When it was founded in 2001 WOMEN ON THE BORDER’S primary mission focused on expanding awareness of the impact of NAFTA and American consumerism in the working and living conditions for women in the maquiladoras.
The principles of “free trade” reflected in the NAFTA favored the interests of corporations. The ideas behind a revised NAFTA under the new USMCA (2017-18) still largely favor employer interests rather than labor. Meanwhile the US- Mexico borderlands are still a site of conflict over the right to work, to travel, to seek liberty and safety, to living wages and to not being presumed criminals for crossing the border in order to seek asylum.
In fulfillment of our expanded mission our website materials focus on two broad areas — 1) Women and Globalization, i.e., giving a human face to NAFTA’s impact with workers’ stories; and 2) Immigration and Detention, i.e., critically examining the impact of the militarized border, increased border wall construction and anti-migrant Zero Tolerance policies in the Trump era on undocumented residents, people of color, migrants and asylum seekers.
WOB was founded with the goal of using women’s stories to give a human face to the real consequences of NAFTA in workers’ lives: The terms in NAFTA and the labor side agreement (NAALC) were so pro-employer that NAFTA ushered in a period where thousands of U.S. companies shut down operations through the historic rust belt regions of the U.S. and outsourced assembly to the Mexican border. They increased the hiring of Mexican workers, and generated record profits.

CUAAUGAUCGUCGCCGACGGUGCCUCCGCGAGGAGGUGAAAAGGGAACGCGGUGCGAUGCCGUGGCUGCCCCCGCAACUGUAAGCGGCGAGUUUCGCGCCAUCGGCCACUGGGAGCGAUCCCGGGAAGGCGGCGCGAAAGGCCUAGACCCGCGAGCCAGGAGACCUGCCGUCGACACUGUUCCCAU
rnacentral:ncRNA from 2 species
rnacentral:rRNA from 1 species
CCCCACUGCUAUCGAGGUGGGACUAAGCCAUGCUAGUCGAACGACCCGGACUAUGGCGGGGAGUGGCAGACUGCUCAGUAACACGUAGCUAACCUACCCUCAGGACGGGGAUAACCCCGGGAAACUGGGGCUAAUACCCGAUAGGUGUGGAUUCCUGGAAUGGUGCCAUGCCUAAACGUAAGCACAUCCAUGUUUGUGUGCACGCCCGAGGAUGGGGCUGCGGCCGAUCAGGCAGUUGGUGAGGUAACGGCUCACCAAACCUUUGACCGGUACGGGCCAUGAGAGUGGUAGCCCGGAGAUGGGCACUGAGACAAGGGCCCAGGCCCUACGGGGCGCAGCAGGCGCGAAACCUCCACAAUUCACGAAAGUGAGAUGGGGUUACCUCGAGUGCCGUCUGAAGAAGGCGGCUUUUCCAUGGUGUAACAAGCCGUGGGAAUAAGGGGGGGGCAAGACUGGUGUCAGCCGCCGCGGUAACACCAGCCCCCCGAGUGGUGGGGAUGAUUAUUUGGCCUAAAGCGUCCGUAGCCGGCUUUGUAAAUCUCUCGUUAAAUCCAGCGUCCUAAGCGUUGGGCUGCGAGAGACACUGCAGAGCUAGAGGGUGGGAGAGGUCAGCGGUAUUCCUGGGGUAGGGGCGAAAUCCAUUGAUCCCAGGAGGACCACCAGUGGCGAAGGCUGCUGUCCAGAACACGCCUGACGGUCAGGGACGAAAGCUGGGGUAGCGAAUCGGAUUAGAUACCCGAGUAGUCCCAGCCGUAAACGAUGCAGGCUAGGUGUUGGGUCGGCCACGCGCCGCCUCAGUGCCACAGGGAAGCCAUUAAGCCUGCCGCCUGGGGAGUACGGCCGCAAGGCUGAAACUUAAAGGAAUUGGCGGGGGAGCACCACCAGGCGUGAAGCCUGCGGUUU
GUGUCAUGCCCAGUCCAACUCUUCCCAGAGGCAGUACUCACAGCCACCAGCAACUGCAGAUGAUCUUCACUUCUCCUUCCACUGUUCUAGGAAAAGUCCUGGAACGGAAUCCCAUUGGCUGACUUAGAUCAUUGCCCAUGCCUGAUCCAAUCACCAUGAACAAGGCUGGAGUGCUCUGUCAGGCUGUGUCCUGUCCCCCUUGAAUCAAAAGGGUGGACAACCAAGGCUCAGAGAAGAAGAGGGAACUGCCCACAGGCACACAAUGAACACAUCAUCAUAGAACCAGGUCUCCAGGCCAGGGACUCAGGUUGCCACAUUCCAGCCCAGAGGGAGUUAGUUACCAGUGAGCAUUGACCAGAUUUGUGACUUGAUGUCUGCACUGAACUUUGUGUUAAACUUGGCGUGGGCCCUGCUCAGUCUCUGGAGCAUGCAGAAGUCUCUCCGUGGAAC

In some cities social chaos and increased gender violence followed in the wake of rapid industrialization. Global economy star cities at the Mexican border like Ciudad Juarez, became famous for the femicides called the Maquiladora Murders. The factories brought in jobs but not living wages, and workers today are still exposed to brutal, long workdays of repetitive unskilled tasks, often unsafe or even toxic workplaces, and female workers still complain of sexual harassment and discrimination.
Unfortunately, the real beneficiaries of the prosperity promised by NAFTA were not the workers; it was the investors, shareholders and big corporations.
THE WEBSITE MATERIALS — We have historically supported the courageous working women of the Comité Fronterizo de Obreras (the CFO) whose 1999 report identified well the terrible conditions and pay for female maquiladora workers.
CFO volunteers, who are maquiladora workers themselves, continue to teach fellow workers how to challenge sex discrimination and harassment in the workplace, how to file grievances under La Ley Federal del Trabajo and challenge employers who engage in wage theft, blacklist those who fight for better working conditions and deny workers the human rights to dignity and safety at work and at home.
Our online materials are here to help researchers, activists and allies of people struggling for fair and just treatment in their homes, schools or workplaces.
TAX EXEMPT DONATIONS
WOB, INC. is a 501c3 tax exempt organization (EIN 74-3003850).
TO DONATE: either submit through NETWORK FOR GOOD , donate at our FACEBOOK PAGE or you can send a check to: WOB, Inc., P.O. Box 303338, Austin, Texas, 78703-0056. Provide name and a valid mailing address for tax exempt receipts.